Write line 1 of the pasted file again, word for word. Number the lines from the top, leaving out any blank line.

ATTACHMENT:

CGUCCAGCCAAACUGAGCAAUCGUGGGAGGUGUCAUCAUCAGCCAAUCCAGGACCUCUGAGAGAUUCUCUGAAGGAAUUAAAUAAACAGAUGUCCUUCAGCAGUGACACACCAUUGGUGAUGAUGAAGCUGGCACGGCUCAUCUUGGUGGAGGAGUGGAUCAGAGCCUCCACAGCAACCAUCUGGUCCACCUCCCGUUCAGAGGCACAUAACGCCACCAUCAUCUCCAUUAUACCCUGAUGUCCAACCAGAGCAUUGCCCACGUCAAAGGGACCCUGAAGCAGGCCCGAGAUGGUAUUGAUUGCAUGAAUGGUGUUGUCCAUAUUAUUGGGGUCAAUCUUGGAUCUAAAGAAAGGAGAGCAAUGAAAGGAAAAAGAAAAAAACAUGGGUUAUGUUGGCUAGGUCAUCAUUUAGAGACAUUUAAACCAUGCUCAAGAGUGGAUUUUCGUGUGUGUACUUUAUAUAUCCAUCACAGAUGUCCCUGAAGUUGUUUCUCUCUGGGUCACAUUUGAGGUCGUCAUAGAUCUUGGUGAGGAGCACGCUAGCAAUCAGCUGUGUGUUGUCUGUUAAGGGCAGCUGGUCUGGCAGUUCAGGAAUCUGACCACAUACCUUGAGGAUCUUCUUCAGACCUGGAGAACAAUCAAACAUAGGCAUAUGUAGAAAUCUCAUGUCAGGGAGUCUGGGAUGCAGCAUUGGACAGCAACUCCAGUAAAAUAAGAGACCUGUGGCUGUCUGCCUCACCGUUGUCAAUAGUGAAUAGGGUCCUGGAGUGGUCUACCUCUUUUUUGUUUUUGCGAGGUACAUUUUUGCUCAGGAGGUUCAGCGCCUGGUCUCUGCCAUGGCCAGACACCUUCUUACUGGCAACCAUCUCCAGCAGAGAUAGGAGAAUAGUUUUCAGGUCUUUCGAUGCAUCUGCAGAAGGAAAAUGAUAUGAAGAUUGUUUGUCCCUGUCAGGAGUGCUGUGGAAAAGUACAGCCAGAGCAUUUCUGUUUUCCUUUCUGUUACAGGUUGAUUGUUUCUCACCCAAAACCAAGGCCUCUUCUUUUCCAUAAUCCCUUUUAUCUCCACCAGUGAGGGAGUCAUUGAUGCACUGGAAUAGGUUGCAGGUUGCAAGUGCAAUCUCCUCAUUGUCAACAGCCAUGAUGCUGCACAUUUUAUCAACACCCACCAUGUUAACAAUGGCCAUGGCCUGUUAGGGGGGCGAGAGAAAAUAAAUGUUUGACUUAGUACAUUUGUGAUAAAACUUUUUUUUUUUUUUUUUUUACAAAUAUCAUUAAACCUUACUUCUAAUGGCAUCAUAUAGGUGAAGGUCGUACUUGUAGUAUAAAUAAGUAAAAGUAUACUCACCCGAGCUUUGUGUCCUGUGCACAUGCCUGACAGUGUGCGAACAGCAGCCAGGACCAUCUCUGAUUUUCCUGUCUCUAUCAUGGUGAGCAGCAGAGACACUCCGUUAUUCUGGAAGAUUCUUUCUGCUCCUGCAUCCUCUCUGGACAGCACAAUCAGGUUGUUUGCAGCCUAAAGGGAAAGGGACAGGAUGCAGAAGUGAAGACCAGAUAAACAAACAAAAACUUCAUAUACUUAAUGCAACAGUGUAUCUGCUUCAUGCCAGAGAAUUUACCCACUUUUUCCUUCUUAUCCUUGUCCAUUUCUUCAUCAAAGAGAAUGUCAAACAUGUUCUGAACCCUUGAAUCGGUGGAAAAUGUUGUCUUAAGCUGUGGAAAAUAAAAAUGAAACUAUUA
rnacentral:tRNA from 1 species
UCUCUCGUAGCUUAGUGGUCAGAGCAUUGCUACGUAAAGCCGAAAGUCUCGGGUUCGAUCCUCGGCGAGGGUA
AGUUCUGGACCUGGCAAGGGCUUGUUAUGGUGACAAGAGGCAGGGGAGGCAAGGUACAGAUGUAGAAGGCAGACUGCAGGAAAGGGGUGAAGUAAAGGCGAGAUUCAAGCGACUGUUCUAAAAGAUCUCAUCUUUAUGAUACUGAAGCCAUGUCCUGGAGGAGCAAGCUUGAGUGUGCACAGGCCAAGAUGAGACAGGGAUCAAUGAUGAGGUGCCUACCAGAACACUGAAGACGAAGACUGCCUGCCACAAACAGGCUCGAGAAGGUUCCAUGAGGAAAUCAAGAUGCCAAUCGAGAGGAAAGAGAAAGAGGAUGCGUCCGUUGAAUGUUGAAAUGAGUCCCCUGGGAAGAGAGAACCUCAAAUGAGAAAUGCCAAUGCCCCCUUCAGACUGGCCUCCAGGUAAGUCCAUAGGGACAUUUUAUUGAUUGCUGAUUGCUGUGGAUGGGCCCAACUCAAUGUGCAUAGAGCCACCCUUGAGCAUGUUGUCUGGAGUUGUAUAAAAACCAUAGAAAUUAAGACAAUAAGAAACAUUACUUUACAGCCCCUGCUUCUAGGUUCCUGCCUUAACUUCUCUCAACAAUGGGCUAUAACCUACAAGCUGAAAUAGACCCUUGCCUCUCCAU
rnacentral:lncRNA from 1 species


CGUCCAGCCAAACUGAGCAAUCGUGGGAGGUGUCAUCAUCAGCCAAUCCAGGACCUCUGAGAGAUUCUCUGAAGGAAUUAAAUAAACAGAUGUCCUUCAGCAGUGACACACCAUUGGUGAUGAUGAAGCUGGCACGGCUCAUCUUGGUGGAGGAGUGGAUCAGAGCCUCCACAGCAACCAUCUGGUCCACCUCCCGUUCAGAGGCACAUAACGCCACCAUCAUCUCCAUUAUACCCUGAUGUCCAACCAGAGCAUUGCCCACGUCAAAGGGACCCUGAAGCAGGCCCGAGAUGGUAUUGAUUGCAUGAAUGGUGUUGUCCAUAUUAUUGGGGUCAAUCUUGGAUCUAAAGAAAGGAGAGCAAUGAAAGGAAAAAGAAAAAAACAUGGGUUAUGUUGGCUAGGUCAUCAUUUAGAGACAUUUAAACCAUGCUCAAGAGUGGAUUUUCGUGUGUGUACUUUAUAUAUCCAUCACAGAUGUCCCUGAAGUUGUUUCUCUCUGGGUCACAUUUGAGGUCGUCAUAGAUCUUGGUGAGGAGCACGCUAGCAAUCAGCUGUGUGUUGUCUGUUAAGGGCAGCUGGUCUGGCAGUUCAGGAAUCUGACCACAUACCUUGAGGAUCUUCUUCAGACCUGGAGAACAAUCAAACAUAGGCAUAUGUAGAAAUCUCAUGUCAGGGAGUCUGGGAUGCAGCAUUGGACAGCAACUCCAGUAAAAUAAGAGACCUGUGGCUGUCUGCCUCACCGUUGUCAAUAGUGAAUAGGGUCCUGGAGUGGUCUACCUCUUUUUUGUUUUUGCGAGGUACAUUUUUGCUCAGGAGGUUCAGCGCCUGGUCUCUGCCAUGGCCAGACACCUUCUUACUGGCAACCAUCUCCAGCAGAGAUAGGAGAAUAGUUUUCAGGUCUUUCGAUGCAUCUGCAGAAGGAAAAUGAUAUGAAGAUUGUUUGUCCCUGUCAGGAGUGCUGUGGAAAAGUACAGCCAGAGCAUUUCUGUUUUCCUUUCUGUUACAGGUUGAUUGUUUCUCACCCAAAACCAAGGCCUCUUCUUUUCCAUAAUCCCUUUUAUCUCCACCAGUGAGGGAGUCAUUGAUGCACUGGAAUAGGUUGCAGGUUGCAAGUGCAAUCUCCUCAUUGUCAACAGCCAUGAUGCUGCACAUUUUAUCAACACCCACCAUGUUAACAAUGGCCAUGGCCUGUUAGGGGGGCGAGAGAAAAUAAAUGUUUGACUUAGUACAUUUGUGAUAAAACUUUUUUUUUUUUUUUUUUUACAAAUAUCAUUAAACCUUACUUCUAAUGGCAUCAUAUAGGUGAAGGUCGUACUUGUAGUAUAAAUAAGUAAAAGUAUACUCACCCGAGCUUUGUGUCCUGUGCACAUGCCUGACAGUGUGCGAACAGCAGCCAGGACCAUCUCUGAUUUUCCUGUCUCUAUCAUGGUGAGCAGCAGAGACACUCCGUUAUUCUGGAAGAUUCUUUCUGCUCCUGCAUCCUCUCUGGACAGCACAAUCAGGUUGUUUGCAGCCUAAAGGGAAAGGGACAGGAUGCAGAAGUGAAGACCAGAUAAACAAACAAAAACUUCAUAUACUUAAUGCAACAGUGUAUCUGCUUCAUGCCAGAGAAUUUACCCACUUUUUCCUUCUUAUCCUUGUCCAUUUCUUCAUCAAAGAGAAUGUCAAACAUGUUCUGAACCCUUGAAUCGGUGGAAAAUGUUGUCUUAAGCUGUGGAAAAUAAAAAUGAAACUAUUA